It was in 1964 when the author James Baldwin reflected on the shortcomings of his education. “When I was going to school,” he said, “I began to be bugged by the teaching of American history because it seemed that that history had been taught without cognizance of my presence.”
Baldwin’s thoughts echoed those of many before and after him. Half a century earlier, when Carter G. Woodson had the same frustration, he set the foundation for what would become today’s national Black History Month, observed each February.
In the early 20th century, while he earned a Masters degree from the University of Chicago and a Ph.D. from Harvard, both in history, Woodson witnessed how black people were underrepresented in the books and conversations that shaped the study of American history. According to the way many historians taught the nation’s past, African Americans were barely part of the story—a narrative that Woodson knew was not true. So in 1915, he and Jesse E. Moorland founded the Association for the Study of Negro Life and History (now the Association for the Study of African American Life and History, or the ASALH). The organization would promote studying black history as a discipline and celebrate the accomplishments of African Americans.
“If a race has no history, it has no worthwhile tradition, it becomes a negligible factor in the thought of the world, and it stands in danger of being exterminated,” Woodson said of the need for such study. (Continue reading from Time)
Born on December 19, 1875 in New Canton, Virginia, Carter Godwin Woodson was the fourth of nine children born to parents who had been enslaved. As an African American boy growing up in central Virginia during the late 19th century in the Reconstruction Era, Woodson had few educational or employment opportunities. In pursuit of a new life, he and his family moved to Huntington, West Virginia where he worked in the New River Gorge coalfields to help supplement the family’s income. Finally, at the age of 20, Woodson saved enough money from his days as a coal miner to begin his formal education at Frederick Douglass High School in Huntington, one of the few black high schools at the time. He received his diploma in just two years, as he was already self-taught in basic reading, writing, and arithmetic. Woodson then earned his first collegiate degree from Berea College in Berea, Kentucky in 1903 and continued his education at the University of Chicago, obtaining another Bachelor’s degree and a Master’s degree, both in 1908. In 1912, he earned his PhD in History from Harvard University, making him the second black American (only following W.E.B. Du Bois) to graduate with a PhD from Harvard; and the only person of enslaved parentage to earn a PhD in History from any institution in the United States.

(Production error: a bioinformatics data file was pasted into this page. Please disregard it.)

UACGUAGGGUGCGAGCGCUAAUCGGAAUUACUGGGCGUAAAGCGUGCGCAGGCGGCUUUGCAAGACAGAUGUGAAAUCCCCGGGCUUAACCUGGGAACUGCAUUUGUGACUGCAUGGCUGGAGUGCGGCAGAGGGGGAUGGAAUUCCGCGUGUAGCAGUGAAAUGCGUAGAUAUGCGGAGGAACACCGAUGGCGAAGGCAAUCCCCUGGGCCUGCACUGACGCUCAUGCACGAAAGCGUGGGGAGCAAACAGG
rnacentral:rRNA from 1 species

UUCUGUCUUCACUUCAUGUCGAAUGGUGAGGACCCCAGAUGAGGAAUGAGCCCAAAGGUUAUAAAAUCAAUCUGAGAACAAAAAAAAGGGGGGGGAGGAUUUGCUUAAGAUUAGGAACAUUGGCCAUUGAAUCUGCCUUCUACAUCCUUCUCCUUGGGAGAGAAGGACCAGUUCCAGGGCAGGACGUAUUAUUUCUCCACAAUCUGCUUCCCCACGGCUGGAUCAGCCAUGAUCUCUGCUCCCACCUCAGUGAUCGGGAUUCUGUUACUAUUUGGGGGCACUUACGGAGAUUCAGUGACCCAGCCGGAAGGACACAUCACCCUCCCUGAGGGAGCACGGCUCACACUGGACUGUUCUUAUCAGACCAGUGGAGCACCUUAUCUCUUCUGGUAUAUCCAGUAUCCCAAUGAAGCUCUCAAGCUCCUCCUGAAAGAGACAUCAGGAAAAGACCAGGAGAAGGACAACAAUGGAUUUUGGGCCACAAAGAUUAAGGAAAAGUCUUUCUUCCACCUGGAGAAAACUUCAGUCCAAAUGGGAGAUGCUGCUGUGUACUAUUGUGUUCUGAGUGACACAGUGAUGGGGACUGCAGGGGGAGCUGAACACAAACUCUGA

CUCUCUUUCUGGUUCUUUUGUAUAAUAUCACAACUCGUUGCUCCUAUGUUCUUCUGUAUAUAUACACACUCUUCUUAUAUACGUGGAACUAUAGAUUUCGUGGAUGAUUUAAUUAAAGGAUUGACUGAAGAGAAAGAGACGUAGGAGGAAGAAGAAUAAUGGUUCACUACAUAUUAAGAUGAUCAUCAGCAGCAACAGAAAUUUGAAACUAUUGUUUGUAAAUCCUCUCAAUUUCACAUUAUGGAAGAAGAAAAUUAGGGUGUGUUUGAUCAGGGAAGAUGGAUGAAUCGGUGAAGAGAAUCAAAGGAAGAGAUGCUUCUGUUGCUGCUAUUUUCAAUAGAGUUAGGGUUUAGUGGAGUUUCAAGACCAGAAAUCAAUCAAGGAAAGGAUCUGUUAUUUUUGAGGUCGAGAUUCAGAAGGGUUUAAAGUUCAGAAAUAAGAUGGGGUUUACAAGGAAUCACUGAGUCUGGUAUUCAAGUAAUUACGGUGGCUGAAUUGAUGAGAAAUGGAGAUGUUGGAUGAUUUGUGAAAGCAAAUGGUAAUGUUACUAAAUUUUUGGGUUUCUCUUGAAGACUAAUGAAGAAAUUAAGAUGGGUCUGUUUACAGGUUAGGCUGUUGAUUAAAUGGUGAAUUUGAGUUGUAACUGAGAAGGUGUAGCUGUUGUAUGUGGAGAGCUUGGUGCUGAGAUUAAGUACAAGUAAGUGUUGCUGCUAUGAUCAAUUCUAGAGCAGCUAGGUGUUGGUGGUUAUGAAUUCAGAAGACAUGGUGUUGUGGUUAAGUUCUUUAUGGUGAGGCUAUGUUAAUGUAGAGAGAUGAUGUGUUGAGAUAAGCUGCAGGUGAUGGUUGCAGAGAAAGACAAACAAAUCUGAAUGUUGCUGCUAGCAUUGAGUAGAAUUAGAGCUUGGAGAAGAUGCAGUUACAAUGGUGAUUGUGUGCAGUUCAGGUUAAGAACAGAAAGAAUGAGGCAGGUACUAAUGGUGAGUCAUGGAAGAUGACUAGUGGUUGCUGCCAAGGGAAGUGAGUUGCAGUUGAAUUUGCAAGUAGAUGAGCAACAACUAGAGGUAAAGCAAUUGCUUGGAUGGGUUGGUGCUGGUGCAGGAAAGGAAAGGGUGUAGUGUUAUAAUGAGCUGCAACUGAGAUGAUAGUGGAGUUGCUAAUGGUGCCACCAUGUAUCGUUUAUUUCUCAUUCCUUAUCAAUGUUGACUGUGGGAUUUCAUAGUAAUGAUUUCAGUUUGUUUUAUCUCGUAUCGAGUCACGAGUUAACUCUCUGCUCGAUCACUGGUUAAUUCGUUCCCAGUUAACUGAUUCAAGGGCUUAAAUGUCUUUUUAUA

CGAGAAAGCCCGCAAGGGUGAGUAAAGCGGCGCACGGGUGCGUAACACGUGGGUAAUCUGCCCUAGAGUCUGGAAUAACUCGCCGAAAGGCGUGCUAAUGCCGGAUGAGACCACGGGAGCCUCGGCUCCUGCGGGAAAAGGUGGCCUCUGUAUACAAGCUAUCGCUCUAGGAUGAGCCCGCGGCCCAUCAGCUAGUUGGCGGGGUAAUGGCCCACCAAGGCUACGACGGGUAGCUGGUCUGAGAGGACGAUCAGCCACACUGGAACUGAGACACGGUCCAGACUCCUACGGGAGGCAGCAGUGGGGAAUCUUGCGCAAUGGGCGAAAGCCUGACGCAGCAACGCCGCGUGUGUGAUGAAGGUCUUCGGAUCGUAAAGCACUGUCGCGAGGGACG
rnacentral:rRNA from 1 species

Around the turn of the 20th century, as he began his own academic career, Woodson noticed a glaring hole in the educational system in the United States. The public knew very little about the role of African Americans in American history, and schools were not including African American history in their curriculum. He worked tirelessly throughout his life to remedy this problem, becoming nationally recognized as “the Father of Black History.” (Continue Reading from National Park Services)
Origins of Black History Month (The Association of the Study of African American Life and History)
Why Is Black History Month Celebrated in February? (Encyclopedia Britannica)
Resources for African American Research (African American History Month)
African American History Month Overview (Law Library of Congress)
Black History Month (History Channel)
Carter G. Woodson (NAACP)
Carter G. Woodson (Biography)
The Continued Importance of Black History Month (Smithsonian National Museum of African American History and Culture)
The Genesis of Dr. Carter Woodson's Negro History Week (Google Arts & Culture)